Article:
Department store Target is preparing for a massive clearance sale, with millions of dollars in stock needing to be cleared over the next six months.
Target’s leadership team revealed the extent of the losses being faced by the retailer in an announcement to the market on Wednesday.
Parent company Wesfarmers informed shareholders of writedowns for both the Target business and its Curragh coal operations, for which it will book a pre-tax, non-cash impairment of between $600 million and $850 million.
Wesfarmers will book a pre-tax, non-cash impairment of between $1.1 billion and $1.3 billion for Target, which it said will be “mainly against its historic share of the Coles Group goodwill”.
Target’s 2015-16 financial results will also include $145 million for restructuring costs and provisions to “significantly rebase Target and provide a stronger platform for the future”. The costs are in addition to an expected loss of $50 million in the 2016 financial year, which the company said is due to “high seasonal clearance activity and lower gross margins”.
Following the update to its financial results, Wesfarmers’ managing director Richard Goyder spoke about inventory issues in a call with investors.
The retailer will pour $80 million into “resettling” its inventory, including losses from clearance costs and streamlining its product lines.
“The problem we have in Target is not the quality of the inventory,” Goyder said, according to Fairfax.
“We have too much.”
Guy Russo, the former Kmart boss who now heads up both Target and Kmart, agreed.
“What we have is too much stock coming in the back door and not enough going out the front door – that’s it in a nutshell,” he said.
In the same investor call, Wesfarmers finance director Terry Bowen estimated the value of the stock that needs to be cleared at Target in a the next six months to be “in the order of $100 to 200 [million”, according to news.com.au.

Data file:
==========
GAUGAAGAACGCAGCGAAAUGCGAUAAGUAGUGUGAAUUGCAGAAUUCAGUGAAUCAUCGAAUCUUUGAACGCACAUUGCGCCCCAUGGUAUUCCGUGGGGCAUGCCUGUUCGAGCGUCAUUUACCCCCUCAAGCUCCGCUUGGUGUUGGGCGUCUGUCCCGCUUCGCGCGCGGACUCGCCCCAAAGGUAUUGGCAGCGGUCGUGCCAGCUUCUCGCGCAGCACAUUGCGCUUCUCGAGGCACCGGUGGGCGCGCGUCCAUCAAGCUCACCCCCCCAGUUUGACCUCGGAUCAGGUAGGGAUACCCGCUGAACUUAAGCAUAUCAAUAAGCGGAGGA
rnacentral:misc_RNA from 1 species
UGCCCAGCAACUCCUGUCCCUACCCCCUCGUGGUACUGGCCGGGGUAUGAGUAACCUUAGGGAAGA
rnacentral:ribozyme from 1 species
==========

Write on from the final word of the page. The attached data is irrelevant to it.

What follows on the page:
How to avoid running into inventory issues
Retail expert Brian Walker told SmartCompany the golden rule of retail is to avoid creating inventory problems in the first place.
This is done by having good process in place and constantly monitoring product lines.
“Link inventory purchases and buying to sales history and forecasts,” Walker says.
“It’s amazing how many retailers don’t link those two. Sales history needs to consider promotional periods, pricing strategy, location – even down to the weather, believe it or not. Then, you also need to set very specific targets on stock turnover, sell-through and profit planning.”
If a clearance sale is necessary, Walker says it’s best to get the stock out of the door as soon as possible and move on.
“The first cut is the best cut,” he says.
“Take the hit, and get it out quickly. Make sure it [the clearance sale] isn’t positioned at the front of the store but at the back, and don’t do it all year round. Ideally, you would have it offsite at a warehouse … or online.”
SmartCompany contacted Target Australia for comment but did not receive a response prior to publication.